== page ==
Dust can be controlled within the building to reduce release to the surrounding environment. Fat added to feed will reduce dust from feed but will do little to reduce dust from dander and dried feces. Sprinkling vegetable oils in the barn can be effective in reducing dust and, therefore, odor transport potential. Some studies have indicated odor reductions from 40 to 70 percent. However, oil sprinkling can have several disadvantages including slick floors and difficulty in handling oil at lower temperatures. Most of the cost is associated with daily labor to spray the oil.
Windbreaks or Vegetative Environmental Buffers (VEB) are effective in forcing the plume to mix vertically, thereby dissipating more quickly. VEBs also will serve to hide the facilities from public view somewhat which helps in reducing the perception of odor. The disadvantage of VEBs is that they take years to effectively develop the height which can be most effective. Care also needs to be taken to not place VEBs so close to naturally ventilated facilities that it disrupts air flow patterns. Initial cost is high but low per pig if it is amortized over 15 to 25 years of service. VEBs can not always hide a facility from public view and attractive landscaping and a well-kept site helps improve the perception of the facility and often reduces odor complaints. Mortality disposal pickup sites should also be well camouflaged.
There are various feed and manure additives on the market. It is difficult to make general statements about effectiveness because of the wide range of products available. Questions should be asked about rate of application, cost per pig marketed, and exactly what the additive will do. Some additives reduce solids in the manure pit or will reduce ammonia, but do little for odor. Reduction in ammonia and hydrogen sulfide do not necessarily mean that odor will be reduced.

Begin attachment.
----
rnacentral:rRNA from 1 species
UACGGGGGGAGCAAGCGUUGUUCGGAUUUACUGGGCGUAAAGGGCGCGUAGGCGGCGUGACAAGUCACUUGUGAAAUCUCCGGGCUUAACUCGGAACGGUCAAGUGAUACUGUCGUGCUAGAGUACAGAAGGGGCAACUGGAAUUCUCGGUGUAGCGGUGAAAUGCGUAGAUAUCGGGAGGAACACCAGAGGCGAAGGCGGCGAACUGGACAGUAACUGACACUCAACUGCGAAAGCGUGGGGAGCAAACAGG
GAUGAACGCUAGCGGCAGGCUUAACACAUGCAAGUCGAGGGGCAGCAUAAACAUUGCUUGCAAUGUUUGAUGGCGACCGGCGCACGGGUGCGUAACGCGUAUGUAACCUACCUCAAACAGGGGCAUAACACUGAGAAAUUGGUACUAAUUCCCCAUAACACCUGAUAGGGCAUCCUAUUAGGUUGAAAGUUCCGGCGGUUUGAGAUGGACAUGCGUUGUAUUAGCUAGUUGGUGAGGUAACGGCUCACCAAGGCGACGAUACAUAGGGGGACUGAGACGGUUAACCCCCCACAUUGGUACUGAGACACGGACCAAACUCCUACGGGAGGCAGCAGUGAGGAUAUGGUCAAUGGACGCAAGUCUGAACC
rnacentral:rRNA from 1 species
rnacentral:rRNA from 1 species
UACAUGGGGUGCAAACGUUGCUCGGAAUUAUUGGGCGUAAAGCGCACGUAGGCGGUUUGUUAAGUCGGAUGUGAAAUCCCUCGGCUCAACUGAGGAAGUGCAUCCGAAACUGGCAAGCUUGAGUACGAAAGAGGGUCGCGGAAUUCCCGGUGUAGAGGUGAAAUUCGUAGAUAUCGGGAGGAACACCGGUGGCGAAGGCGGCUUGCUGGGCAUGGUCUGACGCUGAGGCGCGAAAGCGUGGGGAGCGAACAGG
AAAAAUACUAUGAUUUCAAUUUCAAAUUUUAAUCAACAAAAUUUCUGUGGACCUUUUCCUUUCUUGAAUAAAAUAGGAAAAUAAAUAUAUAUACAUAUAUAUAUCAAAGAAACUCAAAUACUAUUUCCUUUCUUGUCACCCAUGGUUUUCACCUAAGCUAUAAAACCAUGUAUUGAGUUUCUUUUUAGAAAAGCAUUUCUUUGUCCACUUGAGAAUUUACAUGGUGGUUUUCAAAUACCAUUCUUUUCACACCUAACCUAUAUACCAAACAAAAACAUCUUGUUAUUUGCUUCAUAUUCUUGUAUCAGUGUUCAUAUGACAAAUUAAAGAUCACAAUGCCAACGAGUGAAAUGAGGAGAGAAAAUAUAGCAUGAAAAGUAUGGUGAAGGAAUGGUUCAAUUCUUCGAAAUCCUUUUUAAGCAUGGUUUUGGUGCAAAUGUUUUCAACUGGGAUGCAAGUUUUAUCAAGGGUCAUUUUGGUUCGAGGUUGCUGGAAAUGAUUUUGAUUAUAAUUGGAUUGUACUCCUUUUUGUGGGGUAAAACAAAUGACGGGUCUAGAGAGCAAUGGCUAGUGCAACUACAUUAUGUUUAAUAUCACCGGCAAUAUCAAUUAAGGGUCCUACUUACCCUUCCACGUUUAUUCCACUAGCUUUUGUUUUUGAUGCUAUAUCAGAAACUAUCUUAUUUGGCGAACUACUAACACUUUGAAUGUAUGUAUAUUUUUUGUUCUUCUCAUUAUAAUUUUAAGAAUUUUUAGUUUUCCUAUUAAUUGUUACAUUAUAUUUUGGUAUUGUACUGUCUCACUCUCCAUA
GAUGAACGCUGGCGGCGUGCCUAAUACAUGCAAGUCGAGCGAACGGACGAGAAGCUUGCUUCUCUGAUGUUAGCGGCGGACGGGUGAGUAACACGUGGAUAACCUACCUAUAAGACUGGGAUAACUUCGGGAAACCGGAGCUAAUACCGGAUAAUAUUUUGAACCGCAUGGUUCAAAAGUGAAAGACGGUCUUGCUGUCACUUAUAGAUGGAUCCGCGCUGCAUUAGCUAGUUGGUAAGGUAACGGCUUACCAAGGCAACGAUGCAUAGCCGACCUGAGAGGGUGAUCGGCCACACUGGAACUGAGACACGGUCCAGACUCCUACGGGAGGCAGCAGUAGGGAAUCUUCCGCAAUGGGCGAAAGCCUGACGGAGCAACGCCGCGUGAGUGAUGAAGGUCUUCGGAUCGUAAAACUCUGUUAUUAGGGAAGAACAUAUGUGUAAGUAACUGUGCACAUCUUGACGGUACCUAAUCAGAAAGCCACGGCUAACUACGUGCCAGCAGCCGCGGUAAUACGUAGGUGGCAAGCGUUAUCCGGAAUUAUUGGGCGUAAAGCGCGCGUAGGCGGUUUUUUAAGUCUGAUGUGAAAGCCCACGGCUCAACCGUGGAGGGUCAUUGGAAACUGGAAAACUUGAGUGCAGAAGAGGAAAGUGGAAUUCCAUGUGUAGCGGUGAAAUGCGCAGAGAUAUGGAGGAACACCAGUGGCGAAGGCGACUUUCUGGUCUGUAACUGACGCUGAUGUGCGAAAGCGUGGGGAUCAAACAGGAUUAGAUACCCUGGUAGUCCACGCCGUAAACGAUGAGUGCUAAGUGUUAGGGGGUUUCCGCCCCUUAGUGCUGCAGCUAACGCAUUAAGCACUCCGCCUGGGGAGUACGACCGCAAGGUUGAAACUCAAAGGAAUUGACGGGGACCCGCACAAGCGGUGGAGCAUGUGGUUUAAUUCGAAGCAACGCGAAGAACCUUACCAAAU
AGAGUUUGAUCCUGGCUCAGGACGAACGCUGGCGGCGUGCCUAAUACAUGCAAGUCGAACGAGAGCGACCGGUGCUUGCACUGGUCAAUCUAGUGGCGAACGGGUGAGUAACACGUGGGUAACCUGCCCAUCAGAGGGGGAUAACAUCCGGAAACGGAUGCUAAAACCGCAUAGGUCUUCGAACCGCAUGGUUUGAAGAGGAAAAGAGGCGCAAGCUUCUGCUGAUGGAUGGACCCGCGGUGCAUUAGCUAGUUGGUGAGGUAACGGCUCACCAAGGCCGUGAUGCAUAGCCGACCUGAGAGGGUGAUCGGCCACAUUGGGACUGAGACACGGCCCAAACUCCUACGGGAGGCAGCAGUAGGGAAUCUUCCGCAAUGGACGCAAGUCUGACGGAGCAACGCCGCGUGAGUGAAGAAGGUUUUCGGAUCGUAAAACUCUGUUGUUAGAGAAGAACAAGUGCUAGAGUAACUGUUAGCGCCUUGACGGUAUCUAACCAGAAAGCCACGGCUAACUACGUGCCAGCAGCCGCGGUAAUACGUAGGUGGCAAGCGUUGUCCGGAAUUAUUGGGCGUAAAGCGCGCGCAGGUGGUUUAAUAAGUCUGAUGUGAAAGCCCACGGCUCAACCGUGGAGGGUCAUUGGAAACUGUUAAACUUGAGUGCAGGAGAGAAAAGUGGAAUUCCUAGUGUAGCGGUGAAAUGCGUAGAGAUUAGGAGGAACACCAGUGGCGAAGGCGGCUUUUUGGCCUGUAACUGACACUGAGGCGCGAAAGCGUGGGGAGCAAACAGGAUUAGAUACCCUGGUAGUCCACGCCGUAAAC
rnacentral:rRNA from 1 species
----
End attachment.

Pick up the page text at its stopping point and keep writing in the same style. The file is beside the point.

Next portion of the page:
Some research has been performed on changes in diets which will impact the odor released by modifying the excreted manure and the odors given off during decomposition. Trends toward reduced odor intensity have been identified in relation to reduction of crude protein concentration and the inclusion of crystalline amino acids. Research suggests that inclusion of blood meal products in diets will increase odor intensity when included at an excess level when diets are formulated on a lysine basis only.
To learn more about odor mitigation practices, visit the Air Management Practices Assessment Tool at http://www.extension.iastate.edu/airquality/practices/homepage.html
Jacobson, L., Lorimor, J. Bicudo, J., Schmidt, D. 2001. Emission Control Strategies for Building Sources. Livestock and Poultry Environmental Stewardship Curriculum Lesson 41. http://pubwiki.extension.org/mediawiki/files/8/83/ LES_41.pdf
Nicolai, R., Schmidt, D. 2005. Biofilters. South Dakota State University Extension. http://agbiopubs.sdstate.edu/ar-ticles/FS925-C.pdf
Tyndall, J. Colletti, J. 2007. Mitigating swine odor with strategically designed shelterbelt systems: a review. Agroforest System 69:45-65.
Van Kempen,T., van Heugten, E. 2001. Reducing the Nutrient Excretion and Odor of Pigs Through Nutritional Means. Livestock and Poultry Environmental Stewardship Curriculum Lesson 10. http://pubwiki.extension.org/mediawiki/ files/b/b6/LES_10.pdf
Zhang,Y. 1997. Sprinkling Oil to Reduce Dust, Gases and Odor in Swine Buildings. AED-42. Midwest Plan Service. www.mwps.org